Wednesday, May 21, 2008

Sharpen Your Mind

One of G’s recent comments reminded me of how much I miss wood working. My shop is in desperate need of being re-roofed. It presently leaks in more places than it doesn’t. Everything is under blue tarps right now until I can get to spend four days on one project when it isn’t going to rain.

My love for wood working brings to mind a conversation I was having with a friend a few years back who was telling me of a school of fine wood working in California. This institute was serious about perfection. He told me that when you enroll you don’t even get to put your hands on a piece of wood for the first month or so. Every class hour is spent on how to correctly sharpen each of your tools.

Imagine spending at least 160 hours in classes learning how to sharpen things. It may seem like it is going over-board, but once you fully understand the advantages of sharpness, 160 hours is a small price to pay. Think about the difference you feel when you exchange the blades in a razor. Think of the lengthy cuts you’ve made in the past that strained your equipment.

I was recently cutting wood with a dull chain saw. When I replaced the chain the rest of the cutting that day seemed effortless in comparison.

This sharpening class makes me think about other classes I have taken over my lifetime. I wonder if I would have been a better learner had each course had the equivalent of a lengthy sharpening exercise before the actual class began.


Blogger Syd said...

I'd love to take a sharpening class. I'm ridiculous about my kitchen knives and I still don't think I've learned to put a proper edge on them.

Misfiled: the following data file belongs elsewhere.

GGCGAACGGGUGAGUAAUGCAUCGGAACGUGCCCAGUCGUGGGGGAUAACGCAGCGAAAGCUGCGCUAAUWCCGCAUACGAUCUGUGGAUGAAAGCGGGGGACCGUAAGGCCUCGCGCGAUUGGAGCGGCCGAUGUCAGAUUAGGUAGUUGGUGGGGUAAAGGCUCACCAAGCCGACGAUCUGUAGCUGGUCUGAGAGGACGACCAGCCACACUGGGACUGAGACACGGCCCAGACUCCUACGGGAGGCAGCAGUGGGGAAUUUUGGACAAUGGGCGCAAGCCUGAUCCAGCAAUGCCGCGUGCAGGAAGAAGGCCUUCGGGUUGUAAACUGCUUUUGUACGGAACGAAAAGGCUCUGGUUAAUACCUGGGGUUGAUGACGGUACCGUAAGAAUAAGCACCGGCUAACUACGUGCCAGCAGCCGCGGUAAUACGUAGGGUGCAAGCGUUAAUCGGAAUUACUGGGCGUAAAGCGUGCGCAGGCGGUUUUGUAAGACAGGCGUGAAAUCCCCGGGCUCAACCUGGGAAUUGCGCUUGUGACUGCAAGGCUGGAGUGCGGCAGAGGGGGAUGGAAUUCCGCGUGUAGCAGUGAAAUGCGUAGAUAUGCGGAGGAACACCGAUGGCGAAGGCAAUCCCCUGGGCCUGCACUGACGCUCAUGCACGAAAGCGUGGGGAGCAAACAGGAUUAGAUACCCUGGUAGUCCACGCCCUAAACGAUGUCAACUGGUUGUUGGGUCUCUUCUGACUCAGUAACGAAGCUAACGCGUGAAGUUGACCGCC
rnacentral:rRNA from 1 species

4:04 PM  
Blogger The Guy Who Writes This said...

I use a four sided diamond sharpening block, each side having a progressive grit. Sharpen slowly and purposefully. Practice on a piece of crap stainless knife. If you can get that sharpened you do wonders with good steel.

4:18 PM  
Anonymous g said...

I'm a sharpening nut. If I can't see my nose hairs mirrored off of my chisels, they aren't sharp enough.

Syd: You don't really need to take a class. My sharpening technique hasn't really changed much. I use a bevel jig to hold my chisels and plane blades at the right bevel. I use three higher end stones (course, fine, super fine). There is a huge amount of information on the web to get you started on the right sharpening path. Just choose the one that works best for you. Then practice, practice, practice.

7:24 PM  
Blogger loopymamain06 said...

I cried when our local school took wood shop away 3 years ago, and replaced it with a computer lab.
sold the equiptment secretly.
I love solid wood things.
I love to see the "grain" of wood.

6:27 AM  
Blogger The Guy Who Writes This said...

Good advice G.

Loopy, I guess the decided there's more jobs in computers than in wood working. It is sad.

7:38 AM  

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